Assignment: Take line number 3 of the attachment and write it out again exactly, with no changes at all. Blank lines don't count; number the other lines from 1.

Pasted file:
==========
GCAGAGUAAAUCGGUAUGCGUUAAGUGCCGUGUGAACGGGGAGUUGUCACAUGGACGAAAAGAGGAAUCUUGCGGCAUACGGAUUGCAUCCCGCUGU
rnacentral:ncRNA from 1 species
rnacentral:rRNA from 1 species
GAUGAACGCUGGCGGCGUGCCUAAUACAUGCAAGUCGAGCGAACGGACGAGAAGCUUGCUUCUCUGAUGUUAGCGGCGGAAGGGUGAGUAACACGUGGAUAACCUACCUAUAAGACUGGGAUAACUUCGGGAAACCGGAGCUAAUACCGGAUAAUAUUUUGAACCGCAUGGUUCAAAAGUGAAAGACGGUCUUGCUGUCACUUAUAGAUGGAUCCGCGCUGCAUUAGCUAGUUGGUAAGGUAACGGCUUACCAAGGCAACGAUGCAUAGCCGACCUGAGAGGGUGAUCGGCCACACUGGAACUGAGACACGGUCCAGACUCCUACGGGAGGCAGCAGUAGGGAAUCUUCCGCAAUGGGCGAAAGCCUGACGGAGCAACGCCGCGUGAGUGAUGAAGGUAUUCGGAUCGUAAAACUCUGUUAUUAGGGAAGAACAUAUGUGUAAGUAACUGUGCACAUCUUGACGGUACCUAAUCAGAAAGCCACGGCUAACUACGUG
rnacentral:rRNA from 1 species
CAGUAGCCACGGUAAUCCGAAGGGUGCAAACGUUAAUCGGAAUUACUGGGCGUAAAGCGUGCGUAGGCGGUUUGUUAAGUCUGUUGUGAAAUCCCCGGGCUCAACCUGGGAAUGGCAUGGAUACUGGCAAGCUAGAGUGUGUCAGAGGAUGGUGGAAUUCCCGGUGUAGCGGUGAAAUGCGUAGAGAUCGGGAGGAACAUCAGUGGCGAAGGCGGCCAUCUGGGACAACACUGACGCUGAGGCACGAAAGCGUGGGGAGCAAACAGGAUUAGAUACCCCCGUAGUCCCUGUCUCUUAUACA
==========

rnacentral:rRNA from 1 species